As a Sun child born of fire I’m not surprised how drawn to St. John’s wort that I was. From day 1 of my herbal studies I’ve known that this herb was important, after researching this post I know that is true. Extractions and oils have been made with these herbs have been used to balance the Solar Plexus chakra which is directly connected to the digestive and nervous systems. One of my most favorite things about this herbal anti-depressant is that it turns red when extracted. If you make an oil extraction the oil actually turns red as the plants finish their work. I’d recommend only working with this herb during the day, it’s truly a Sun plant and does it’s best work when treated as such.
Breakdown of Saint John’s Wort
Scientific Name: Hypericum Perforatum [aka: Goatweed, Tipton weed]
Magickal Stats: Elementally Fire, Ruled by the Sun
Improves Function Of:
- Immune System
- Digestive System
Aides In Relieving Symptoms of:
- Anxiety, Depression & Nervous debility
- Nerve pain & Inflammation
- Injury or shock in spinal area; sciatica, multiple sclerosis & shingles
Assists Spiritually With:
- Dispel and disperse negative energy of vampiric ghosts or spirits
- Protect and Purify the home
- Ward off illness
How Does It Work? A perforation in the leaves of St. John’s Wort contain hypericum and other active compounds. Hypericum has been shown to work to inhibit monoamine oxidase (MNO) which contributes to depression. There are also some studies that show St. Johns Wort can help detoxify the liver and harmonize the relationship between the liver and the digestive system. The herb may also improve absorption of nutrients which will relieve issues with digestion by balancing levels of acid in the stomach. Lastly, it is antiviral and can be used both topically and internally for treating shingles as well as relieving pain and helping speed up the repair of tissues.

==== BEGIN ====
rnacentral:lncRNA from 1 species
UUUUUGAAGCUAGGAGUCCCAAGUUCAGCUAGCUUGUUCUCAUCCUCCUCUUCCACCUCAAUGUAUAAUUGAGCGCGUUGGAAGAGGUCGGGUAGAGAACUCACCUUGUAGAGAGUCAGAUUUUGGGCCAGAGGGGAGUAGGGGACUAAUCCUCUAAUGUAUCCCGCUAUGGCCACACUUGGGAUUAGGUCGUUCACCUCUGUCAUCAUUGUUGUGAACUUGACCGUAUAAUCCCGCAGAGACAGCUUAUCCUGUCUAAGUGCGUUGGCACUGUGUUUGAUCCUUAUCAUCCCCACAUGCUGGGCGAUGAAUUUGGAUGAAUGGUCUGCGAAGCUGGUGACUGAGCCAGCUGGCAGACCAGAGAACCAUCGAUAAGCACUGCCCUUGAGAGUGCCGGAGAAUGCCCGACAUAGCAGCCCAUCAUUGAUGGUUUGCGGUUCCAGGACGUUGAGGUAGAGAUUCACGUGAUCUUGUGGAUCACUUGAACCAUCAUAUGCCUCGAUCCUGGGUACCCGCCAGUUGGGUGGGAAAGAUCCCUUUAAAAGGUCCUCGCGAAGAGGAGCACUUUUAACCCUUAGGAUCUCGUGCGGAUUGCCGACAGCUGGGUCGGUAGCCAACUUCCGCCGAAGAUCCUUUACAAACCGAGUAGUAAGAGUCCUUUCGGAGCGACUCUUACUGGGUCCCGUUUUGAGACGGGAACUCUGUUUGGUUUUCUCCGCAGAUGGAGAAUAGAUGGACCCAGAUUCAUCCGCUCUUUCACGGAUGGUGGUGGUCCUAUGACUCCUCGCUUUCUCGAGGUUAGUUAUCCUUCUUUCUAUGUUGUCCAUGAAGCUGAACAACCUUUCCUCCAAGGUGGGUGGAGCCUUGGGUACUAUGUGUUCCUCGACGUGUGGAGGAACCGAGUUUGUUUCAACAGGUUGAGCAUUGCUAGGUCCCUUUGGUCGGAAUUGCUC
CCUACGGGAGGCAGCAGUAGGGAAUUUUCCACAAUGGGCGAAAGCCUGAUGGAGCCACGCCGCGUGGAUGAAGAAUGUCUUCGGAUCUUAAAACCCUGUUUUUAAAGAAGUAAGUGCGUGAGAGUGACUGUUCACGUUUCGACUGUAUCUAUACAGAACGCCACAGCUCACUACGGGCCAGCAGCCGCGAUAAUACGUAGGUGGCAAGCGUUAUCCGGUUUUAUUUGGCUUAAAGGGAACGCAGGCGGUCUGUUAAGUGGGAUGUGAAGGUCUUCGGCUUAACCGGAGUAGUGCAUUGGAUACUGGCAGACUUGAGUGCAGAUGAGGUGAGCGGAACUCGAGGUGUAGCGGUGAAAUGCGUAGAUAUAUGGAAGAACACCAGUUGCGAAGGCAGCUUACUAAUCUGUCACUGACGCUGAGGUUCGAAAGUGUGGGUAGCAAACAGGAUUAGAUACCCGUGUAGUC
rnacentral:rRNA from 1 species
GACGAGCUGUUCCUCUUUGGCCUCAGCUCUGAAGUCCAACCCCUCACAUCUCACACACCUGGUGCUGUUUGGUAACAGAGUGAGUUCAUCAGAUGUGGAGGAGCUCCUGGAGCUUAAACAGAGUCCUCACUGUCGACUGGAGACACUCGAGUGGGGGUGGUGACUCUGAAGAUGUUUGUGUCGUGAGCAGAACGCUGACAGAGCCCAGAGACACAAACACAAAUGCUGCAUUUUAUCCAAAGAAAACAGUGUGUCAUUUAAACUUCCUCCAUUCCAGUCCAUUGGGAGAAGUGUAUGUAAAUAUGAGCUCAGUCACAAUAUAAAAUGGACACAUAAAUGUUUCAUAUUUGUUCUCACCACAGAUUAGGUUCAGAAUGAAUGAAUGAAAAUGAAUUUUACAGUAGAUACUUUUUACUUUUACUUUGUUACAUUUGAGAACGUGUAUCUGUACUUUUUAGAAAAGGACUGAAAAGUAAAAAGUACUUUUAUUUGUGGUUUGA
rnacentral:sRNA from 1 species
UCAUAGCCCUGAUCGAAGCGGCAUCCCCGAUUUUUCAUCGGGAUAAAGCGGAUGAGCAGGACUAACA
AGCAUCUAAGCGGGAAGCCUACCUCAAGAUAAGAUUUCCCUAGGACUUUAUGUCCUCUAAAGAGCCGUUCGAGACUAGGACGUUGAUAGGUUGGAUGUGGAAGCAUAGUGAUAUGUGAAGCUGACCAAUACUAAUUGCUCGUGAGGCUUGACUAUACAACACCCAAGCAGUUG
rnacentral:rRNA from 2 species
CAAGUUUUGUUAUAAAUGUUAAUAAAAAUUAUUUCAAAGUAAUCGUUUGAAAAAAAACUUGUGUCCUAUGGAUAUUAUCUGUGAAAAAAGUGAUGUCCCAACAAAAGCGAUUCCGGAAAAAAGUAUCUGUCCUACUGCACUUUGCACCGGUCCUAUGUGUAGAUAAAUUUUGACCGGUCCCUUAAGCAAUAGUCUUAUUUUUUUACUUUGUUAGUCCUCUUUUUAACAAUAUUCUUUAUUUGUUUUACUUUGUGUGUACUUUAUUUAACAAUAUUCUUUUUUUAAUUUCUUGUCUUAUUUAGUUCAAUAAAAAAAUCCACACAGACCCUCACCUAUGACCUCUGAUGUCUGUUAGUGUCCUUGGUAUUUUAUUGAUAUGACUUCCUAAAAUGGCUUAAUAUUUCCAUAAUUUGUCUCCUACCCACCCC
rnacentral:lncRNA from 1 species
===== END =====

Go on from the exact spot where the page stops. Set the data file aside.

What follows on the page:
What Do I Do With It? Use the dried leaves to make an oil extraction. Leave the jar in the sunlight to extract, no need for putting it in the dark until after it’s been extracted. Taking the herb orally is the most recommended. There are also capsules and tinctures sold at stores with ground or otherwise manipulated St. John’s Wort. Applied topically the herb can help stimulate the regeneration of tissues on wounds or cuts as well as help to fight inflammation and nerve pain. For the former two instances it is recommended to combine both topical application and oral ingestion.
WARNING: IF YOU ARE TAKING ANTI-DEPRESSANTS PLEASE CONSULT WITH YOUR DOCTOR BEFORE TRYING ANY ST. JOHN’S WORT. Also if you are on any other medications it is always recommended that you speak with your doctor before taking herbal medicines.